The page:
I set the motor at 7A for most of the run. This produced just over 7kph with the wind and around 6kph against the wind. There was a bit of weed so I stopped a few times to clean weed from the prop.

    At this speed useful range is 7.5km. The average speed over about 80 minutes was 5.8kph. I got approximately 9Ah out of the 10Ah batteries before the controller started to cut-out on low voltage. I was still able to do 4kph but I would not regard it as useable.

    The batteries are Fullriver HGL 10-12 having a capacity of 10Ah at the 20hr rate. Getting 9Ah at 1 hour rate is reasonably good I believe for a 10Ah rated battery.

    The batteries are AGM type not gel. They weigh 3.3kg each so the pack of 2 contributes about 5% of the total displacement.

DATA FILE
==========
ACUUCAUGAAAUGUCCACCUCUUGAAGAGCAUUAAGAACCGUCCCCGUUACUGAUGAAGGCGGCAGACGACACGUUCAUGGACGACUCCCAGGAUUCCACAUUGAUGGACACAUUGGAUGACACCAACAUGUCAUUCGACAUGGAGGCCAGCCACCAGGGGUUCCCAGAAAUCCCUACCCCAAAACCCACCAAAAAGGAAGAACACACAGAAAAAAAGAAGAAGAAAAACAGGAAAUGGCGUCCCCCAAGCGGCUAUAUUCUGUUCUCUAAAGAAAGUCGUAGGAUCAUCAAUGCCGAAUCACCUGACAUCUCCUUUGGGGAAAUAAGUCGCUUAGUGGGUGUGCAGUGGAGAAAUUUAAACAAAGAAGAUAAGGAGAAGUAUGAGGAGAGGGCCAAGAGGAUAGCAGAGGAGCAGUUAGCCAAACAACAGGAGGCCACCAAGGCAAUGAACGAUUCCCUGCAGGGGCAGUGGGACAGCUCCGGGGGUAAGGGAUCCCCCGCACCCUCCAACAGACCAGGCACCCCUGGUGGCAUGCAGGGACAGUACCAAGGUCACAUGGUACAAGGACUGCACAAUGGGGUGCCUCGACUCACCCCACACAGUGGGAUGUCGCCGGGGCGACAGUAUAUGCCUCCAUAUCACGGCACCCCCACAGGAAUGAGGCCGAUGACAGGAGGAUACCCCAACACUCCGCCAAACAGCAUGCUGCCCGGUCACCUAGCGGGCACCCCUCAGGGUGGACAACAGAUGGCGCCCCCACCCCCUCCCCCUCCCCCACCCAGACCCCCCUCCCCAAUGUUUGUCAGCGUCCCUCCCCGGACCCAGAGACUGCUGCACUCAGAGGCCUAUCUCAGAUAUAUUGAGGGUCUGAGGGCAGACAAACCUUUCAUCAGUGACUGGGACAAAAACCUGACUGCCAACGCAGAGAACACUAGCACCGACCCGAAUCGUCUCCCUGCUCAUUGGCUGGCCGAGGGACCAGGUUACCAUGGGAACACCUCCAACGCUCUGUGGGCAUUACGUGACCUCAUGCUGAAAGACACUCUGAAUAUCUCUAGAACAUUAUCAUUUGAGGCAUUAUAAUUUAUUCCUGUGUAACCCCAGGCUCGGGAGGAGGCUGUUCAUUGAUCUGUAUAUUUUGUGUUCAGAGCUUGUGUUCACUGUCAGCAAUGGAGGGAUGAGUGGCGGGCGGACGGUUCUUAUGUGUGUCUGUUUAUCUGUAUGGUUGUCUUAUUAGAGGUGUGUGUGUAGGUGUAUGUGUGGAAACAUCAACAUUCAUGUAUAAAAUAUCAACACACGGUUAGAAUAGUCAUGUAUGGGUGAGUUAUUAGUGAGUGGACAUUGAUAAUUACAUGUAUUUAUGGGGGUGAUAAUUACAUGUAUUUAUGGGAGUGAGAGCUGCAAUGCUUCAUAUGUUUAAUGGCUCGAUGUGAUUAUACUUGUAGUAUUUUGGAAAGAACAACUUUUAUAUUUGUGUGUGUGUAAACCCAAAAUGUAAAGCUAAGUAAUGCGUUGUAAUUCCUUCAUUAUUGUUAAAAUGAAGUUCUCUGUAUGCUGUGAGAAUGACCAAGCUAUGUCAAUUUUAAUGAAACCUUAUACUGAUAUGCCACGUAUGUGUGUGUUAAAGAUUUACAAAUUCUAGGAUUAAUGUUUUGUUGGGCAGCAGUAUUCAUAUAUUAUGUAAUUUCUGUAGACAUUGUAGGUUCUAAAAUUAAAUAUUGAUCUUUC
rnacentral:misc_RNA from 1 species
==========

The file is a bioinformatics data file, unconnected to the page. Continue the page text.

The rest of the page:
I am quite happy with these results. It would be interesting to see how far you could get if everything was optimised for a particular speed.

    If I dropped speed to 5kph I would get a range of around 10kph but it is boring just doing loops of the lake.

    Rick W.

    Attached Files:

  5. Guest625101138

    Guest625101138 Previous Member

    I did my first test using the Mars Motor/Kelly Controller drive leg today. I used the old tubular aluminium cat as the test boat.

    I used the same 2 x 10Ah batteries as before in series to give 24V. The boat got to 11kph before the batteries reached their limit. That was around 500W.

    The drive leg weighs 19kg plus 7kg in batteries so the boat was a bit lower than design in the water. There was extra drag from the cross braces ploughing through the water once speed got above 7kph.